The Trump administration's plan to broadly expand drilling in U.S. offshore waters is moving slowly due to opposition from coastal states and indifference from oil companies that have turned their focus to other opportunities.
The administration hopes encouraging U.S. energy development outside of shale oilfields will further its goal of "energy dominance." But existing Obama administration lease rules remain in place through 2022 unless the new rules gain approval.
The Department of the Interior this year proposed opening vast new acreage in the U.S. outer continental shelf to drilling. The comment period wrapped up March 9. Still, Secretary Ryan Zinke said last week he remained deep in discussions with state governors, some of whom have thrown up roadblocks that would impede or bar drilling off their coasts.
A new outer continental shelf lease program proposes 47 lease sales, including areas that had not been offered since 1983. At least 12 states have sought exemptions, and Zinke has agreed to exclude areas off Florida.
"On the five-year plan we made everything available to look at," Zinke told Reuters at the CERAWeek energy conference in Houston. Governors from across the West Coast and much of the East Coast are meeting with the Interior and objecting to areas off their states for drilling. State discussions could last through year end.
So far, officials in Alaska, Maine, Georgia and U.S Gulf Coast states other than Florida have said they were open to expanding drilling. California and other states have said they would deny needed permits for onshore services or transport.
"You can't bring energy ashore unless you have access to state waters," Zinke said.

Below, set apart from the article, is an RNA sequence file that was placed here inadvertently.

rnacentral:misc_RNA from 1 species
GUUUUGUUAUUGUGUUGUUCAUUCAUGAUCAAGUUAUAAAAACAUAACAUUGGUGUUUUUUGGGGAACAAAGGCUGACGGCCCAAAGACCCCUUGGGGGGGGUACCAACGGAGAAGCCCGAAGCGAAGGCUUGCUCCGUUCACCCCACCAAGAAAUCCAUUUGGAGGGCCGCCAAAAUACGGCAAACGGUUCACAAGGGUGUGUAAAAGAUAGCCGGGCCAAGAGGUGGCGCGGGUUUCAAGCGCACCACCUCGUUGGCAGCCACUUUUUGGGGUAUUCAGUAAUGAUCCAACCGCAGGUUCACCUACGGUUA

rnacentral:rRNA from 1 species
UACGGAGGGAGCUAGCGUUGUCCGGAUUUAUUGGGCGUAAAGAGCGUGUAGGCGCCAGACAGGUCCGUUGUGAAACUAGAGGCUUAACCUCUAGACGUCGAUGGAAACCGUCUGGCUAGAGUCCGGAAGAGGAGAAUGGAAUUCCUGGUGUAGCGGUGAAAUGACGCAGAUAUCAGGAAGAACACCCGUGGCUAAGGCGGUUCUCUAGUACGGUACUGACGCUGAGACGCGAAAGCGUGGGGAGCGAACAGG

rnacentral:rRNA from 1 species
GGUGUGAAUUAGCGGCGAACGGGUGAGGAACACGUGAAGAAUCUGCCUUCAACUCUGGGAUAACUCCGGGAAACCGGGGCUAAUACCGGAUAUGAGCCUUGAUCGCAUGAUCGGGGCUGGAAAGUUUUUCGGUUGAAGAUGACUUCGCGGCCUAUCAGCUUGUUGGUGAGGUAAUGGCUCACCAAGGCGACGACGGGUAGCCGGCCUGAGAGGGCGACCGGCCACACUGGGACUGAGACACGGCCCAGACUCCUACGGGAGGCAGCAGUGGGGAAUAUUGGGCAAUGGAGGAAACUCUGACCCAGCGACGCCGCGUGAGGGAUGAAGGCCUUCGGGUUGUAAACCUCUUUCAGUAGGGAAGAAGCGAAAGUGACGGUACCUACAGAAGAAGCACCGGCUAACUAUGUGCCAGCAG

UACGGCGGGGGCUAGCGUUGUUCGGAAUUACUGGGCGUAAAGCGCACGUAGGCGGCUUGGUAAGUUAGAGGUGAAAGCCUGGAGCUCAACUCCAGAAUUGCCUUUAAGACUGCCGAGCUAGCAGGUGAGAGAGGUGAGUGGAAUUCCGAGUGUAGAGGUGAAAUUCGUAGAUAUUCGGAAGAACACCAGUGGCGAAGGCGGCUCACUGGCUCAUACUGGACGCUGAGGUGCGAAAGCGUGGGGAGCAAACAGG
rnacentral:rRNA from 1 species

While oil companies say they have met with Interior officials on Gulf of Mexico access to new regions, Zinke said they must go through the official comment process.
"They know my position: we put everything on and will go line by line," he said.
While Washington continues to discuss the opening with states, oil companies are turning to well-mapped basins in the deepwater Gulf of Mexico and other nations were deepwater drilling or auctions are ongoing, like Brazil, Mexico and Guyana.
"We are constantly scouring the planet to really understand resource potential," said Steve Pastor, BHP Billiton's president of petroleum operations. The Gulf of Mexico has some of the best discovered potential, he said.
BHP has previously explored acreage in the Eastern Gulf of Mexico, at its Sake project, in a formation off the coast of Alabama.
Proposed new lease areas along the U.S. Atlantic coast would require seismic mapping and development of infrastructure that would take time. "I can't put a fine point on whether we would pursue it," Pastor said.
Chevron Corp, which disclosed a large Gulf of Mexico oil discovery in existing lease areas earlier this year, said new areas will have to stack up against existing projects.
They "will have to compete with the other drilling we have in the world," said Robert Ryan, Chevron's vice president of global exploration. "We just don't know, most of those areas haven't been evaluated yet."
Royal Dutch Shell, which is active in federal waters in the Gulf of Mexico, said it was encouraged by the additional Gulf acreage that is opening under existing lease sales. Costs, including a recent 25 percent tariff on imported steel, would be an issue.
"We know what we like here," said Wael Sawan, Shell's executive vice president of deepwater. "We're encouraged by some of the elements but then some things like steel tariffs raise a question mark," he said.
(Reporting By Jessica Resnick-Ault, additional reporting by Ron Bousso, editing by Gary McWilliams and David Gregorio)